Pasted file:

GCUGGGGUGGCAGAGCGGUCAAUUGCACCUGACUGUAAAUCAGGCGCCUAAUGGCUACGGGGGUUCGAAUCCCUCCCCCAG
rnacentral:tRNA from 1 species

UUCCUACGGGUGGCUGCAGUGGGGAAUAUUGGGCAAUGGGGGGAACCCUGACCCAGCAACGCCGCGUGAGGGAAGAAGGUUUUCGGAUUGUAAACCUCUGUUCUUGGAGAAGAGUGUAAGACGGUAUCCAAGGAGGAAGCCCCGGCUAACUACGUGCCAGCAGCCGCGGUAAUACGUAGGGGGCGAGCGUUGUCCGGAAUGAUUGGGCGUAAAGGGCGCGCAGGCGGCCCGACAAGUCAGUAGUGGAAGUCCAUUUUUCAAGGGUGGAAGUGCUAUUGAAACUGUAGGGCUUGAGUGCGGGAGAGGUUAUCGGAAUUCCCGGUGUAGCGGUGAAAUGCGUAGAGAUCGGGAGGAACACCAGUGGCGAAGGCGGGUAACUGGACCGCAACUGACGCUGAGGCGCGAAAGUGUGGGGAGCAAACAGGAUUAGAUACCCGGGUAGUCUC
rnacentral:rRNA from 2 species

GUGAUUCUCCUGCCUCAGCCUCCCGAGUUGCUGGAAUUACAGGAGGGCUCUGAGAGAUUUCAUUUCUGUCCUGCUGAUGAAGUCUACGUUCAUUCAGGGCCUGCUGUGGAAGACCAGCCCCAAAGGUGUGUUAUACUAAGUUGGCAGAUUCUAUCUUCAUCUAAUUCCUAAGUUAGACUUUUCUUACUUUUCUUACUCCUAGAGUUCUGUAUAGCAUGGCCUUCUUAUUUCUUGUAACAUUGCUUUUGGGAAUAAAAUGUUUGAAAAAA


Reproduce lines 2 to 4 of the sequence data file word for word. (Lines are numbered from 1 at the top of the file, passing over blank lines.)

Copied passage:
rnacentral:tRNA from 1 species

UUCCUACGGGUGGCUGCAGUGGGGAAUAUUGGGCAAUGGGGGGAACCCUGACCCAGCAACGCCGCGUGAGGGAAGAAGGUUUUCGGAUUGUAAACCUCUGUUCUUGGAGAAGAGUGUAAGACGGUAUCCAAGGAGGAAGCCCCGGCUAACUACGUGCCAGCAGCCGCGGUAAUACGUAGGGGGCGAGCGUUGUCCGGAAUGAUUGGGCGUAAAGGGCGCGCAGGCGGCCCGACAAGUCAGUAGUGGAAGUCCAUUUUUCAAGGGUGGAAGUGCUAUUGAAACUGUAGGGCUUGAGUGCGGGAGAGGUUAUCGGAAUUCCCGGUGUAGCGGUGAAAUGCGUAGAGAUCGGGAGGAACACCAGUGGCGAAGGCGGGUAACUGGACCGCAACUGACGCUGAGGCGCGAAAGUGUGGGGAGCAAACAGGAUUAGAUACCCGGGUAGUCUC
rnacentral:rRNA from 2 species